As Eileen says, the difference is the humour – many of Araucaria’s clues are technically inaccurate, but they (mostly …) have the key virtue of giving you the ‘aha!’ moment when the penny finally drops.
    OLD BEAN was my personal favourite, as well as MOSAIC.
    The two other puzzles this week, while being gratifyingly easy, just weren’t fun, and this was.

  30. Tom_I says:

    Grumpy Andrew, Araucaria is one of those setters you need to persevere with – it’s worth it in the end. I used to find him discouragingly difficult, but don’t now that I’m more ‘tuned in’.

    And are you deliberately misspelling the name? Look it up in a dictionary – it does mean something! :)

  31. bleudegex says:

    I’ll unlurk to say I liked this even if other comments suggest #19 is trolling. I managed ~75% before resorting to the cheat button and thought that an achievement for an Arucaria. I didn’t figure out the word play in 4/5down, though, so I appreciate for the explanation here, also for whirlwind which I realise now I didn’t fully understand.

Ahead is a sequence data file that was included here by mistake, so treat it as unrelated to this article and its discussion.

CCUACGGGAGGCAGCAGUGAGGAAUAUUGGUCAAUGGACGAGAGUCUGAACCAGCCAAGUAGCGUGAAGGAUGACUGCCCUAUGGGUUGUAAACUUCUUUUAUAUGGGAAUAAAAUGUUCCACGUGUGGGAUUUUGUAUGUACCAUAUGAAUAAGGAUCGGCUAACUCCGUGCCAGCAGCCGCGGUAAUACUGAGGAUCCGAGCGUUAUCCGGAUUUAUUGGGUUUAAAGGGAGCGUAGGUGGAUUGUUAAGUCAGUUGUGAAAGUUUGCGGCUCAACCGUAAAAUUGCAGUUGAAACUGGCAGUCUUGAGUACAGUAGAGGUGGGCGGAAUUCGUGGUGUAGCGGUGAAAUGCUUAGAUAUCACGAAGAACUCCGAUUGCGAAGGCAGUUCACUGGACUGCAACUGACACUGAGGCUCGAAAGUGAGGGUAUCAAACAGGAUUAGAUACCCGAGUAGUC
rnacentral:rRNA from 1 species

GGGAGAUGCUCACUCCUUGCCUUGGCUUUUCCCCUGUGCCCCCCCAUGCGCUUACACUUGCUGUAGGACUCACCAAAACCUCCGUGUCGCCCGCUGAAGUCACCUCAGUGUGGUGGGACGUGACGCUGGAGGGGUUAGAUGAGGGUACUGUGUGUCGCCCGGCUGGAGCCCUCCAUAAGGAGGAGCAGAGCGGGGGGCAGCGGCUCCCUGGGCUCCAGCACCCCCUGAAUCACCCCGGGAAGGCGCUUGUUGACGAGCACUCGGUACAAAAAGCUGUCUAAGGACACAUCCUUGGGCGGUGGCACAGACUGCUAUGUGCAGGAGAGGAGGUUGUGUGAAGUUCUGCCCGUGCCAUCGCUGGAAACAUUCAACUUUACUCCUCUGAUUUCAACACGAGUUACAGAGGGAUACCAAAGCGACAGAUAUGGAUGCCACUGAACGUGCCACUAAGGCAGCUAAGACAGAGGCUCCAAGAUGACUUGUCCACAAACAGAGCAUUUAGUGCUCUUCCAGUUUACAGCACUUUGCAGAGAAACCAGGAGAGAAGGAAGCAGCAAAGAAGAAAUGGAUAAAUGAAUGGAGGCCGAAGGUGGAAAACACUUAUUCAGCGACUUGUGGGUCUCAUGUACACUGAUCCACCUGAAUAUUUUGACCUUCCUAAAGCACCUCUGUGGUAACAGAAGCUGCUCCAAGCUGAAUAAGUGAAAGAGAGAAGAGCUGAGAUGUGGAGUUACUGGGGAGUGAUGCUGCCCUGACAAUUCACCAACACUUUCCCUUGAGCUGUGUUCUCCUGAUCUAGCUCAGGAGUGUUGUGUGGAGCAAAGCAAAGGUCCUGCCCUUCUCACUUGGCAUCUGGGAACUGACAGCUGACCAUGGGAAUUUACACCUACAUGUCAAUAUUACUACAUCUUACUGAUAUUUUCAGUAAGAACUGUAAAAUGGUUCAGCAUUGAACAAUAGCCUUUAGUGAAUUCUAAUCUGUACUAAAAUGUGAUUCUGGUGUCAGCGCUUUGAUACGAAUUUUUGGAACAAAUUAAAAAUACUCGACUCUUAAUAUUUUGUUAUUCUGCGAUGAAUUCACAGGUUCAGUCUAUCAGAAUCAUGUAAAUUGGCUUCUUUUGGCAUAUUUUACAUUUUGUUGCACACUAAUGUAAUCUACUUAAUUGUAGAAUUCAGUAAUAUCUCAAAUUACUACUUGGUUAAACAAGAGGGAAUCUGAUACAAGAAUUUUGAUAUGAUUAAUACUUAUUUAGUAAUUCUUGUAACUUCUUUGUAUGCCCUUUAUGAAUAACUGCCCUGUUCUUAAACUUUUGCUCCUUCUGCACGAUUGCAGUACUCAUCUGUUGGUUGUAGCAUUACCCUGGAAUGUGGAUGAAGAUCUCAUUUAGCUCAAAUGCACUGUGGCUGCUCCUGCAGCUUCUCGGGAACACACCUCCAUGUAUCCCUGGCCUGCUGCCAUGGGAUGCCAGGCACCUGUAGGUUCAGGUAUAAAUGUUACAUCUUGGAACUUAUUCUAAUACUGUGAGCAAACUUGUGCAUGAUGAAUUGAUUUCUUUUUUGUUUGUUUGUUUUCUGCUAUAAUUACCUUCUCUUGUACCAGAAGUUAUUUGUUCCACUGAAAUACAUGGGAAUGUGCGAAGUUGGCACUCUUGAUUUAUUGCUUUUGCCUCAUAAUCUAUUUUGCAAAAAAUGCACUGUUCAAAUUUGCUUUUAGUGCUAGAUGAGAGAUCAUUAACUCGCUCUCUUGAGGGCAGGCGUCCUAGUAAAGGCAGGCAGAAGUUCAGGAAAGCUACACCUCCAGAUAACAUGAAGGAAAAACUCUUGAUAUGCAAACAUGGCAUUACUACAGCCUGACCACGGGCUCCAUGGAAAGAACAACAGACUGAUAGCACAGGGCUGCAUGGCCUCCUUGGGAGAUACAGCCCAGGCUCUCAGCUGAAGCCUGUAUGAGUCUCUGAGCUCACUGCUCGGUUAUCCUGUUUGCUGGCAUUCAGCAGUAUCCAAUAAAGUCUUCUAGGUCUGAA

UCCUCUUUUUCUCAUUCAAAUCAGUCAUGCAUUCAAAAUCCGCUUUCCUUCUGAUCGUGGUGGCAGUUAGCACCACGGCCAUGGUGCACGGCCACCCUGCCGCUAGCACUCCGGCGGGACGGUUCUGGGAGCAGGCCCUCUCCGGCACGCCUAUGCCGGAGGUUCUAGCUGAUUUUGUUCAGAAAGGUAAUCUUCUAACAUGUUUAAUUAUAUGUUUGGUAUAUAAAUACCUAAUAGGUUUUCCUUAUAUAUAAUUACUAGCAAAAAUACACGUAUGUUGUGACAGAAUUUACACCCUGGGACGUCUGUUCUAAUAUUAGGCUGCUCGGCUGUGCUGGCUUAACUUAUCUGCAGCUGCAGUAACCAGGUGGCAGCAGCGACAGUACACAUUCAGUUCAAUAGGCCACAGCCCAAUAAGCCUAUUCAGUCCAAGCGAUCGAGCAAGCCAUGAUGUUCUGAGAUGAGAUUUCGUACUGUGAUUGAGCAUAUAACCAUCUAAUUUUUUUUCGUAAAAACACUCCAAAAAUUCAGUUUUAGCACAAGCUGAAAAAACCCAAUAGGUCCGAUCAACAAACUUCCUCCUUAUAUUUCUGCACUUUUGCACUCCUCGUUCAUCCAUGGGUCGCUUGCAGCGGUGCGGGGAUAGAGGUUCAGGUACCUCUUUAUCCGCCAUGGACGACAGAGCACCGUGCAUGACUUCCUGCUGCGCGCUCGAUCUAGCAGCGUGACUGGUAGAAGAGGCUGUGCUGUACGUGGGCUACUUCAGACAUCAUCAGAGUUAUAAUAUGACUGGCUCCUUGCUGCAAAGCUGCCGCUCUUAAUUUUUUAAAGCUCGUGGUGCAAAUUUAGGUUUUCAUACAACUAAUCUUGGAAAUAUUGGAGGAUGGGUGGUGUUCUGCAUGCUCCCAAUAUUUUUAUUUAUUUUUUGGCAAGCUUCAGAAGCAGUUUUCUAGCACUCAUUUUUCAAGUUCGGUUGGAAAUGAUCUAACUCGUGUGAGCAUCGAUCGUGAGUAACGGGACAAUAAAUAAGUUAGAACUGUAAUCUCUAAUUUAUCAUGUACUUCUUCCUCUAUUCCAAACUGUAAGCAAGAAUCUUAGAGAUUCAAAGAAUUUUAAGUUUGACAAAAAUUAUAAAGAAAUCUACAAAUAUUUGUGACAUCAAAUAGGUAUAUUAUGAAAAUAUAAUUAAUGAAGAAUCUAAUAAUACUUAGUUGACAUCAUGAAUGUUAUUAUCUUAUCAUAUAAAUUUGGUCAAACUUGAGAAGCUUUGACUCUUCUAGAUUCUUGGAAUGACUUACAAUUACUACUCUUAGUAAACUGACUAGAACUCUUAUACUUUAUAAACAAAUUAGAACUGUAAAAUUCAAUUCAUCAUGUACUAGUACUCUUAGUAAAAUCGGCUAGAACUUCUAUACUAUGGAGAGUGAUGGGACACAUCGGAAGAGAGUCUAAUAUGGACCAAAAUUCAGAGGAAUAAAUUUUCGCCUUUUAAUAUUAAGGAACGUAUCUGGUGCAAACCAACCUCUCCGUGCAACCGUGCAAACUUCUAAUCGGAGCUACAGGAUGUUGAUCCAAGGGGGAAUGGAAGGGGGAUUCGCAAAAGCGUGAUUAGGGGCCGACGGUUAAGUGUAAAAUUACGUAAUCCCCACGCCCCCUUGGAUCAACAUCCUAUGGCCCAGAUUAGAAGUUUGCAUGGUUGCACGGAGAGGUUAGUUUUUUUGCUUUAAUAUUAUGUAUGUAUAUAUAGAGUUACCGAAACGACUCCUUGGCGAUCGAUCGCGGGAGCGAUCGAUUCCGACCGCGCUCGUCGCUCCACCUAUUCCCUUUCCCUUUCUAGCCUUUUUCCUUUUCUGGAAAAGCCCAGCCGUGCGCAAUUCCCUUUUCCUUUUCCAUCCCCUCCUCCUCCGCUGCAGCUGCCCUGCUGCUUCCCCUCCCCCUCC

32. Dave Ellison says:

    Uncle Yap, #25, I think don is parodying my statement from yesterday, so he is not the originator. “You should have more respect for the community here to be able to form their own judgement”. Yes, you are quite right, and I apologise for my opening salvo yesterday, especially to liz whose rebuke has given me a few pangs. I regretted it as soon as I had pressed the Submit Comment button.

    Perhaps I had a fit of bile, because to this average solver, having struggled with a crossword for an hour or so to be told by the whizz kids it wasn’t worthwhile, is a bit of a kick in the teeth; we aren’t all experts.

  33. liz says:

    Sorry, Dave, I didn’t mean to give you pangs :-). And I would never want to suggest, either, that I am any kind of expert or that I don’t struggle too. I do and often. What I wanted to point out, and perhaps didn’t phrase properly, is that sometimes we struggle because the clues aren’t quite fair or properly constructed. That would never have occurred to me when I first started doing cryptics, when I was just basically permanently befuddled.